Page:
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Ukraine: Russia using ‘all its power’ to capture strategic city of Severodonetsk

Lugansk regional governor says invading forces control most of the city but Ukrainian troops pushing them back; Zelensky says situation in Donbas ‘extremely difficult’

Smoke and dirt rise in the city of Severodonetsk during fighting between Ukrainian and Russian troops at the eastern Ukrainian region of Donbas on June 2, 2022. (ARIS MESSINIS / AFP)
Smoke and dirt rise in the city of Severodonetsk during fighting between Ukrainian and Russian troops at the eastern Ukrainian region of Donbas on June 2, 2022. (ARIS MESSINIS / AFP)

KYIV (AFP) — Ukraine said Saturday its forces were managing to push back against Moscow’s troops in fierce fighting in the strategic eastern city of Severodonetsk despite Russia “throwing all its power” into capturing the area.

At least 11 civilians were reported killed in the Lugansk region where Severodonetsk is located, the nearby Donetsk region, and in the southern city of Mykolaiv.

Lugansk regional governor Sergiy Gaiday said in an interview posted online that the invading forces had captured most of Severodonetsk, but that Ukraine’s troops were pushing them back.

“The Russian army, as we understand, is throwing all its power, all its reserves in this direction,” said Gaiday.

Ukrainian President Volodymyr Zelensky said “the situation in Severodonetsk, where street fighting continues, remains extremely difficult,” as well as in other cities in the Donbas region.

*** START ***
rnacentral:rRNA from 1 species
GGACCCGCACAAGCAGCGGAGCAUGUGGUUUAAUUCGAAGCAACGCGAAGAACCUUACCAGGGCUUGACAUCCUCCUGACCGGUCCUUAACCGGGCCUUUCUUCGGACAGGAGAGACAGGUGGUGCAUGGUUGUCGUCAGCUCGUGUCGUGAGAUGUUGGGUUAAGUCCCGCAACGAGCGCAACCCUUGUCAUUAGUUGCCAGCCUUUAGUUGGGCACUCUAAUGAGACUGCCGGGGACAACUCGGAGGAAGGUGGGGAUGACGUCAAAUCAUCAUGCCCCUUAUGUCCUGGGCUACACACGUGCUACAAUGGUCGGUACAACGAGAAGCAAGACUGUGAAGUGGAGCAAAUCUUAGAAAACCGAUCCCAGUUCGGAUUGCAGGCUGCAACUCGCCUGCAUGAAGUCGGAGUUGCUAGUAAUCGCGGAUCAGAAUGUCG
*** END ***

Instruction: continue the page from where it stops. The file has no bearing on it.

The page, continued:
There are “constant airstrikes, artillery and rocket fire. As of this morning, the total number of various Russian missiles used against Ukraine is 2,503,” Zelensky added in his evening address.

Severodonetsk is the largest city still in Ukrainian hands in the Lugansk region, where Russian forces have been gradually advancing in recent weeks after retreating or being repelled from other areas, including around the capital Kyiv.

Russia’s army claimed some Ukrainian military units were withdrawing from the city.

A man stands looking at a building destroyed during attacks in Borodyanka, on the outskirts of Kyiv, Ukraine, June 4, 2022. (AP Photo/Natacha Pisarenko)

‘Put Russia in its place’

Tens of thousands of people have been killed, millions forced to flee and towns reduced to rubble since Russian President Vladimir Putin ordered an all-out assault on his pro-Western neighbor on February 24.

Western powers have imposed increasingly stringent sanctions on Russia and supplied arms to Ukraine, but divisions have emerged on how to react.

French President Emmanuel Macron said Friday that Putin had committed a “fundamental error” but that Russia should not be “humiliated” so that a diplomatic solution could be found.

Ukrainian Foreign Minister Dmytro Kuleba reacted Saturday by saying such calls “only humiliate France” and any country taking a similar position.

“It is Russia that humiliates itself. We all better focus on how to put Russia in its place,” he said.

Despite diplomatic efforts, the conflict has raged in the south and east of the country.